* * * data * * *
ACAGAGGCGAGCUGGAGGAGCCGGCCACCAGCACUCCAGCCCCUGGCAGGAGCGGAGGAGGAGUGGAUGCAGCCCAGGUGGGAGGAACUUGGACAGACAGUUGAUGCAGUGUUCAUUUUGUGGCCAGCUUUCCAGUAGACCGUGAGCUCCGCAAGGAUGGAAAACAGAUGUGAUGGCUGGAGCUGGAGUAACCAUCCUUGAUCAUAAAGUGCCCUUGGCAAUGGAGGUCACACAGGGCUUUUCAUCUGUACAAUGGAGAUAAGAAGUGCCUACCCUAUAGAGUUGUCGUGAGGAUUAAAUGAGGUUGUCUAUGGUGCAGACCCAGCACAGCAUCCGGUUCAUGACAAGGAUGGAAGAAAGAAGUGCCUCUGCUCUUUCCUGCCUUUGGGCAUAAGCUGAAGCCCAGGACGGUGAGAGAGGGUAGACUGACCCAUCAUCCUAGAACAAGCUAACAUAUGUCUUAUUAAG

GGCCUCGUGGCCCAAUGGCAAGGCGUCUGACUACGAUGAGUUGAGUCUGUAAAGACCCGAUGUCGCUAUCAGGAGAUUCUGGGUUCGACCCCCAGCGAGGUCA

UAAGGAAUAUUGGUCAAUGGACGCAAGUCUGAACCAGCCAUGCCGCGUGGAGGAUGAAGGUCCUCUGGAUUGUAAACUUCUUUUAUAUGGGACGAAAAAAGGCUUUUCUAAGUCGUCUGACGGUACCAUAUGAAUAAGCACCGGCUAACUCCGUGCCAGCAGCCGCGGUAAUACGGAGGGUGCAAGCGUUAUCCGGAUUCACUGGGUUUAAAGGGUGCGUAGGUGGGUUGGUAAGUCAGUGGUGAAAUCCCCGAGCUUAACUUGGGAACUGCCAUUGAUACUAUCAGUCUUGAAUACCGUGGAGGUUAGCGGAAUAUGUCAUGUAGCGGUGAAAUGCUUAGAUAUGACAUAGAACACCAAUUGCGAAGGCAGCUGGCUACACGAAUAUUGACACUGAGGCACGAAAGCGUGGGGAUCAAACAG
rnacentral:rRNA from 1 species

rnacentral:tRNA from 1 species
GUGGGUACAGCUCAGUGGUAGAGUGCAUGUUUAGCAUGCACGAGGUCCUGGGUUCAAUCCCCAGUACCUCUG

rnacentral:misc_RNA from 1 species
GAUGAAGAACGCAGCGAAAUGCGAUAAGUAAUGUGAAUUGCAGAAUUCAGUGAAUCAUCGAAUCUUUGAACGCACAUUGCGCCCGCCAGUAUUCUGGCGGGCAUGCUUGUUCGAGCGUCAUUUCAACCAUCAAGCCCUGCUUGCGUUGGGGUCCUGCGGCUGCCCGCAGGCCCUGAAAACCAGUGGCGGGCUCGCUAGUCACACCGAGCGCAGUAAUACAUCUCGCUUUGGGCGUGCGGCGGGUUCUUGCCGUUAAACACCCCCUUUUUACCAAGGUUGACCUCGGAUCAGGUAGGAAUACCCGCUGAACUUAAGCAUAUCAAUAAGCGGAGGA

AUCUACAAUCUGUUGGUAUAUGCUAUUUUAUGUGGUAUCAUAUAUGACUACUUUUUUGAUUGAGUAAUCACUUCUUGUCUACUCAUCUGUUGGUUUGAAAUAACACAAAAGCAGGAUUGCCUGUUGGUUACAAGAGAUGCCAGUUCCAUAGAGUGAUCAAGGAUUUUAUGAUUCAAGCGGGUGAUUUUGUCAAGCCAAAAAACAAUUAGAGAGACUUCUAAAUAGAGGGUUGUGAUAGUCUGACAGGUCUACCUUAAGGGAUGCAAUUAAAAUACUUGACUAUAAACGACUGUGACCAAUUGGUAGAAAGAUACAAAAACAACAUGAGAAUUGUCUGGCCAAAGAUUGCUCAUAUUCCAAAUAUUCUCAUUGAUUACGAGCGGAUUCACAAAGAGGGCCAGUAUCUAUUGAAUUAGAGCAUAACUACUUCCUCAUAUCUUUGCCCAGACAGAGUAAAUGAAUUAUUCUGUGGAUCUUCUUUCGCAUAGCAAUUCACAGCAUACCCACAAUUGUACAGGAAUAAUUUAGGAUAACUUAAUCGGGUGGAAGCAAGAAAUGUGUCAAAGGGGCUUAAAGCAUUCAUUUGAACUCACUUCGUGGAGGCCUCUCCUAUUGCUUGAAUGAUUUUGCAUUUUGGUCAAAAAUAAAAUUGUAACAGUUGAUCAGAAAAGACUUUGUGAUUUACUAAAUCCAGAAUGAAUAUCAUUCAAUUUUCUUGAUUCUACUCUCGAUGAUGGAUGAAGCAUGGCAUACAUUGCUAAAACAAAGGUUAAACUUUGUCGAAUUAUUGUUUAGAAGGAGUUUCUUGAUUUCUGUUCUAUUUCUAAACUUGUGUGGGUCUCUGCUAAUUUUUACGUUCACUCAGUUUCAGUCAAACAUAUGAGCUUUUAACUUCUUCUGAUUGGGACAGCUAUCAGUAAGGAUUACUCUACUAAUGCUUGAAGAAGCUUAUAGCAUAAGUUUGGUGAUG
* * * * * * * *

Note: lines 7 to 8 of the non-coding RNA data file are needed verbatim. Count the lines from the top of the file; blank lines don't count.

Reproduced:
rnacentral:misc_RNA from 1 species
GAUGAAGAACGCAGCGAAAUGCGAUAAGUAAUGUGAAUUGCAGAAUUCAGUGAAUCAUCGAAUCUUUGAACGCACAUUGCGCCCGCCAGUAUUCUGGCGGGCAUGCUUGUUCGAGCGUCAUUUCAACCAUCAAGCCCUGCUUGCGUUGGGGUCCUGCGGCUGCCCGCAGGCCCUGAAAACCAGUGGCGGGCUCGCUAGUCACACCGAGCGCAGUAAUACAUCUCGCUUUGGGCGUGCGGCGGGUUCUUGCCGUUAAACACCCCCUUUUUACCAAGGUUGACCUCGGAUCAGGUAGGAAUACCCGCUGAACUUAAGCAUAUCAAUAAGCGGAGGA